Concessions and how they impact a sellers bottom line.

When you are buying or selling a home, in the negotiation process, one side or the other may offer what is referred to as a concession. This is a benefit or agreed upon dollar amount offered by one side to the other.

This concept is also called an allowance, such as a carpeting allowance. This is sometimes a marketing tool used by a listing agent when we know there could be some concern with the age of an appliance or an outdated look. An example may be “Seller is offering a $1500 paint allowance with an acceptable offer”. It may not always be feasible for a seller to make changes to a home. In our market this happens when sellers are having to move quickly due to a military relocation. There’s not time or money to handle the repair up front, but they realize its a concern and want to inform potential buyers that we are willing to concede some money to entice them to make an offer. Its a true win-win for everyone. 

Another approach to concessions is a buyer requesting closing cost assistance. I am a big believer in not using this as part of an offer, but sadly it is very common, so much so that it has almost become an expectation. Remember that a request for closing cost assistance impacts the sellers bottom line. A $200,000 offer with $5000 in closing cost assistance looks mysteriously a lot like a $295,000 offer (actually less because the commissions and other fees are based on a percentage….higher sales price means the seller is paying even more).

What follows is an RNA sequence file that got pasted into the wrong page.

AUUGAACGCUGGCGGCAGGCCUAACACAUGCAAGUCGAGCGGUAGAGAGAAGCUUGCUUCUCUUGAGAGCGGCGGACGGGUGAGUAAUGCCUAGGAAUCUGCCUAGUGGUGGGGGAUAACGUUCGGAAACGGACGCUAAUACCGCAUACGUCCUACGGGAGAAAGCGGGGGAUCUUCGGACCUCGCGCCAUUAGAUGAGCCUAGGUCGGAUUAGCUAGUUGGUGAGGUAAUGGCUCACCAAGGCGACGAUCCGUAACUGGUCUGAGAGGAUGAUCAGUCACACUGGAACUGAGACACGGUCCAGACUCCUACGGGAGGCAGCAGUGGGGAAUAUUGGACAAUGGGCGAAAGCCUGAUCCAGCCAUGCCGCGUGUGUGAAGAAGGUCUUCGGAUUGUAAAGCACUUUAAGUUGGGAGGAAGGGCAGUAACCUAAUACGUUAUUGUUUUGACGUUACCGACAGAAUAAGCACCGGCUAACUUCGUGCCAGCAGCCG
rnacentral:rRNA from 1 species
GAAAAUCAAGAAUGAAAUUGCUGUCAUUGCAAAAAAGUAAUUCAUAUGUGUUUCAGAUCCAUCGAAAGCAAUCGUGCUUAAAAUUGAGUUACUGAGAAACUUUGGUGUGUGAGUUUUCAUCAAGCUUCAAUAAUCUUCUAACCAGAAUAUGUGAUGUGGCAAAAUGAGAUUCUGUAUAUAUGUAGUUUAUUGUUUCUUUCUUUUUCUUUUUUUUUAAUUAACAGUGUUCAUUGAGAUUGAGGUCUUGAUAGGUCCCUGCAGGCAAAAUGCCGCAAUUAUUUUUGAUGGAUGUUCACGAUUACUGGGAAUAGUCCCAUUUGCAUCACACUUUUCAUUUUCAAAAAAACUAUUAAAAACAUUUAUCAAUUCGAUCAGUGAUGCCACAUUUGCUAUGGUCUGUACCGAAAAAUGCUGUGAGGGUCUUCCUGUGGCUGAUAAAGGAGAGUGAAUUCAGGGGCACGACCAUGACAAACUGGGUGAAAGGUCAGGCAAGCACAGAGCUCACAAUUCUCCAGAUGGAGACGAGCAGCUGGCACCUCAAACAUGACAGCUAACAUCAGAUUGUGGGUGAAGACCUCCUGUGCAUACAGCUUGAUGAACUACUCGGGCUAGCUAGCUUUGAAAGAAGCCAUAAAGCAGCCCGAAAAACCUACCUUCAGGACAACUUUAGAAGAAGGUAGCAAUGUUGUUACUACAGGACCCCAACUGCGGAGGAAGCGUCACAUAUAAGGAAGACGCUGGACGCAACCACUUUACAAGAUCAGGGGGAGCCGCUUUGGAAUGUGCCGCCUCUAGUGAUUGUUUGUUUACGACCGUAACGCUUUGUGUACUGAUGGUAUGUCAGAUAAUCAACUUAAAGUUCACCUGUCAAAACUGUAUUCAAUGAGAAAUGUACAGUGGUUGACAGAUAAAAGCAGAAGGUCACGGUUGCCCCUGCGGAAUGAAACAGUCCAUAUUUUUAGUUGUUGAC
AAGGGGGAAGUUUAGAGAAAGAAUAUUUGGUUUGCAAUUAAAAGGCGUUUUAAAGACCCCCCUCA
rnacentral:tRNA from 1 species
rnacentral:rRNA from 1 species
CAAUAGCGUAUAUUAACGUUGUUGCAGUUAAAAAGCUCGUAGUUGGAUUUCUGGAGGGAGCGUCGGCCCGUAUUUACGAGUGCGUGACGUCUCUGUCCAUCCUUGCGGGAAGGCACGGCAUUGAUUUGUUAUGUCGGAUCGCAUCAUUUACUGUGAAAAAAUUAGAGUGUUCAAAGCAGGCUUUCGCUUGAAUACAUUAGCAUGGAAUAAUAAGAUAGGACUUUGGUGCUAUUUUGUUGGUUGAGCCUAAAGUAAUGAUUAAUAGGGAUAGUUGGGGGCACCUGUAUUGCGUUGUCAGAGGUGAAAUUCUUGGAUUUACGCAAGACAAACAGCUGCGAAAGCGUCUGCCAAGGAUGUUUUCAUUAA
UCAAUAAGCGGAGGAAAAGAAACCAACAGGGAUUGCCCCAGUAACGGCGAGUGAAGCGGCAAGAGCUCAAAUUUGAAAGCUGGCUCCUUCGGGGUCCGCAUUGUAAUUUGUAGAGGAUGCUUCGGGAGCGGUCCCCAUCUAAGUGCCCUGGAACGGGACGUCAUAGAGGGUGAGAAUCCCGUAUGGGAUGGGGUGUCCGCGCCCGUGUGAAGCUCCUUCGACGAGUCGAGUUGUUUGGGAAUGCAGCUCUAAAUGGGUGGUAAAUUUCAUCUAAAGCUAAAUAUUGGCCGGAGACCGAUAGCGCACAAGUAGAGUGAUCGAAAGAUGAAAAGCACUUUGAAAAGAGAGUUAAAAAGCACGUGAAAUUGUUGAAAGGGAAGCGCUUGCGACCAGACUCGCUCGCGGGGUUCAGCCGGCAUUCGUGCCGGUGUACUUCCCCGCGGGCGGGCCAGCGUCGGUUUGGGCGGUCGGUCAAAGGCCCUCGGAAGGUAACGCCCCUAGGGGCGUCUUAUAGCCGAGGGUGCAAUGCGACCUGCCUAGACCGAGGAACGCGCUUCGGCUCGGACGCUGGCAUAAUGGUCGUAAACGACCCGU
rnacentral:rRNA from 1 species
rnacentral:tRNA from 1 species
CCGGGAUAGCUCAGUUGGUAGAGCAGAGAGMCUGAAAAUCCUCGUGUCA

When I represent a buyer I try to convince them that the best approach is to avoid asking for closing cost. I think it’s important to have funds for your own down payment and closing cost when possible. It helps give you more equity up front and shows that you are financially ready to be a home owner. When I represent a buyer and there are 2 offers on the table, we always look at the closing cost request and it will almost always impact the sellers decision. 

One thing to remember is that concessions are typically paid at closing. Imagine a brief case of money sliding across the table from the buyer to the seller for the full amount of the home. The seller reaches in the brief case, pulls out the amount of the concessions and slides it back across the table to the buyer. While the concession will impact the bottom line for the seller, it only comes out of the final amount.

There is a deeper dive on my YouTube channel. Look for the video on “Three C’s” I go into a bit more detail. You can also contact me directly if you want more info or have questions. Welcome Home!

Chris Whitehurst

Inner Banks Real Estate 

252 312 2263